"Yes, it's perfectly fine.  There is absolutely nothing wrong with it.  Are you sure YOU'RE OK?"

"I'm fine..."

"Great!" he said somewhat sarcastically.

"...which is best evidenced by the fact that I haven't been honking in the parking lot for the last half hour."  I unleashed the +4 Gaze of Asperity over the rims of my glasses at him.


"So, because the 'friendly chat' part of our conversation appears to have failed, allow me to clarify:  please either acknowledge that your car is broken but you are fixing it, or stop making it make that noise.  Because if your car is OK, and this is its normal state, honking and slightly disassembled, then I am going to request that it live elsewhere."

"Oh.  I'm sorry.  Yes, it's broken and I'm fixing it.  I didn't think anyone would notice the noise."

"If I may be blunt, is it likely to keep making that noise for much longer?"

"Uh, no?  I mean, I hope not."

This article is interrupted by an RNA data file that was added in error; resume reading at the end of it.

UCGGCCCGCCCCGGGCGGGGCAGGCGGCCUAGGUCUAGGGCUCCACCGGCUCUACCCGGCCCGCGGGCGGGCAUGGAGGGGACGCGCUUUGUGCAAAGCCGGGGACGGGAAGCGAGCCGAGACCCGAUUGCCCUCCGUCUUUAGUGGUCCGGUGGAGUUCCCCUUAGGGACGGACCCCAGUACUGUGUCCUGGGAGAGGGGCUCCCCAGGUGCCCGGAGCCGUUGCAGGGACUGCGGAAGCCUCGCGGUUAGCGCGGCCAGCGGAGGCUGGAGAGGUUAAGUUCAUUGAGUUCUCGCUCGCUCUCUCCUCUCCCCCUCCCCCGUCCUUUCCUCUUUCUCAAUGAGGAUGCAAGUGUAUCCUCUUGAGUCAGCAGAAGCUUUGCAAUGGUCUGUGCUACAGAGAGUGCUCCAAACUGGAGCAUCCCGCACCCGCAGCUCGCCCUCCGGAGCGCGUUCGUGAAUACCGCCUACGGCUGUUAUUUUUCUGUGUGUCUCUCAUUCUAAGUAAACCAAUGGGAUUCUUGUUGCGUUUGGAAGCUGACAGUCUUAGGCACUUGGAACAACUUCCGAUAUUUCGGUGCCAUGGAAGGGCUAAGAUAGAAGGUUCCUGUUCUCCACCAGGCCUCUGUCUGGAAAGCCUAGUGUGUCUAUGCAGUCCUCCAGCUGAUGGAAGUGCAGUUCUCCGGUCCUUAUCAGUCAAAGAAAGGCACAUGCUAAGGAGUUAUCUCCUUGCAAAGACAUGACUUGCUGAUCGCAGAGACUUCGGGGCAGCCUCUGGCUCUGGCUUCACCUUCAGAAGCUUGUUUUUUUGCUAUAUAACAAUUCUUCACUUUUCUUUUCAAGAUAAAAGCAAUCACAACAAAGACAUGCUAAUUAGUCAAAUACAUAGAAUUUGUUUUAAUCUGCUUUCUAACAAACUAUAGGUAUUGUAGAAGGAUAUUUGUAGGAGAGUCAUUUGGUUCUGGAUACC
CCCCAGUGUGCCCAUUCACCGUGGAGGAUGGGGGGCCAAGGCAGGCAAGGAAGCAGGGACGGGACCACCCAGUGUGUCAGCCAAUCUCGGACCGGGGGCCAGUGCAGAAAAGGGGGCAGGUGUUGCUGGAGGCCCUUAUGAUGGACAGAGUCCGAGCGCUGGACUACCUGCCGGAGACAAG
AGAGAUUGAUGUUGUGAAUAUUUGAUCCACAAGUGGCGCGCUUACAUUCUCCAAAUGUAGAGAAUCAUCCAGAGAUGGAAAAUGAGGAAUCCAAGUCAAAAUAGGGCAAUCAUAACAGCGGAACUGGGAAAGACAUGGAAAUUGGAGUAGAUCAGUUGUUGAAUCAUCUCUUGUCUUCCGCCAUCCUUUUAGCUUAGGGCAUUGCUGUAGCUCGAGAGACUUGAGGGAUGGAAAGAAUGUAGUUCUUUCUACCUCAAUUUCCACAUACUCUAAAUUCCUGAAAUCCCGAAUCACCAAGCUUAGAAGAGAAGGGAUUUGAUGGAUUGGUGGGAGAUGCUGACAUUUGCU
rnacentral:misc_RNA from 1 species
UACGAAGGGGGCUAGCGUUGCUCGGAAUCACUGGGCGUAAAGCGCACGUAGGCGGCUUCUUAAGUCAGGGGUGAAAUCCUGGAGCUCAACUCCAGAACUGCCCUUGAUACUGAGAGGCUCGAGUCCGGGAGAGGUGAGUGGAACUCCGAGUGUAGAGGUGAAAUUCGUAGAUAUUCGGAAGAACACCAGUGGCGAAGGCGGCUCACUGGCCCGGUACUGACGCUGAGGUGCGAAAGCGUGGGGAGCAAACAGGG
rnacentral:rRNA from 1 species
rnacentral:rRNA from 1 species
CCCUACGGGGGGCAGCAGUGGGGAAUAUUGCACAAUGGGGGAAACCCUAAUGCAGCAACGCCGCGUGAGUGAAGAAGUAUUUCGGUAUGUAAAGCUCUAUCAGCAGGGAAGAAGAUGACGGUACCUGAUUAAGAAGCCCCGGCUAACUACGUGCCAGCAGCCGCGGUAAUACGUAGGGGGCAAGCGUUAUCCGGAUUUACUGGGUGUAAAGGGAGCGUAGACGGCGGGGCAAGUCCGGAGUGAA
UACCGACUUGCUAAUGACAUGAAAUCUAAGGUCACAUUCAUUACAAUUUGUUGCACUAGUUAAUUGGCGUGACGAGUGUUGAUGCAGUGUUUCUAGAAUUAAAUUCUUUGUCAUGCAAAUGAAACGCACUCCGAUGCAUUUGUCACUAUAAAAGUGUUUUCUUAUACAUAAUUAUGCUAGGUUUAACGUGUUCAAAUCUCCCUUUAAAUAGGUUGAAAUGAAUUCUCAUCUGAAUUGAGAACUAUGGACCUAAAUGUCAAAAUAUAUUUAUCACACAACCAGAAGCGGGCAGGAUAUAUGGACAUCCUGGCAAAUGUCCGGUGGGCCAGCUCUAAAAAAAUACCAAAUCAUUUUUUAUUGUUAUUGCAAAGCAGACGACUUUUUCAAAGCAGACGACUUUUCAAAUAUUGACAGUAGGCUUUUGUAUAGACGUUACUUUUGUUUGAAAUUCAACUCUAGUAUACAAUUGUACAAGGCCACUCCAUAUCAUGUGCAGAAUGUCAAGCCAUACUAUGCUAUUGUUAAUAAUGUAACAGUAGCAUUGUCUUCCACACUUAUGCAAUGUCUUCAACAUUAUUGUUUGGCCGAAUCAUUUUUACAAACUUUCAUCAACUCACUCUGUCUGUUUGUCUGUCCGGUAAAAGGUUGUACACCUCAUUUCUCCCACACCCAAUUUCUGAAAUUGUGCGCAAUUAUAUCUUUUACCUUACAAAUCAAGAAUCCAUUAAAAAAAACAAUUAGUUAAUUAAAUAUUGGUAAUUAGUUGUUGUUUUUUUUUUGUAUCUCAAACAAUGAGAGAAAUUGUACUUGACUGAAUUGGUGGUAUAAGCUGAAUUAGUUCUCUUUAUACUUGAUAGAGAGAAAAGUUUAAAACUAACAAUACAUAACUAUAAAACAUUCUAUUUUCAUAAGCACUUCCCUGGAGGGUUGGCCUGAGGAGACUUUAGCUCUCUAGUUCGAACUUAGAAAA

I smiled cheerily at him.  "OK!  Thanks so much!  Enjoy the rest of your evening!"

I skipped back across the parking lot and bopped up the stairs to my apartment, leaving him standing there looking slightly confused, door panel in hand.  It went off twice more, and has been silent for the last hour and a half or so.  I remain boggled as to how you can stand next to your flashing, honking, partially disassembled car and insist that it's perfectly fine and there's not a thing wrong...


  1. Some folk are just entirely hopeless...

  2. Not to be rude here, but you might have stated the issue first. If you had come to me saying the same thing, I'd have thought you were being a pretentious pain in the arse/nosy neighbor. Yes the car was being noisy, yes he was trying to fix it...but this seems almost to be egging him on instead of coming out and saying politely "You're care is disturbing the quite, please turn it off or get help."

  3. "Is everything OK?" is a deliberately neutral approach statement for an unknown and potentially hostile situation. When you're walking into a situation that you know has consequences for you and the other person, you start off neutrally so you have plenty of room to escalate as needed. I can go into how it establishes a relationship footing on which I'm interested in how he is doing but have the right to break the social wall between us by approaching, as well (conflict mediation and intervention training for the win!).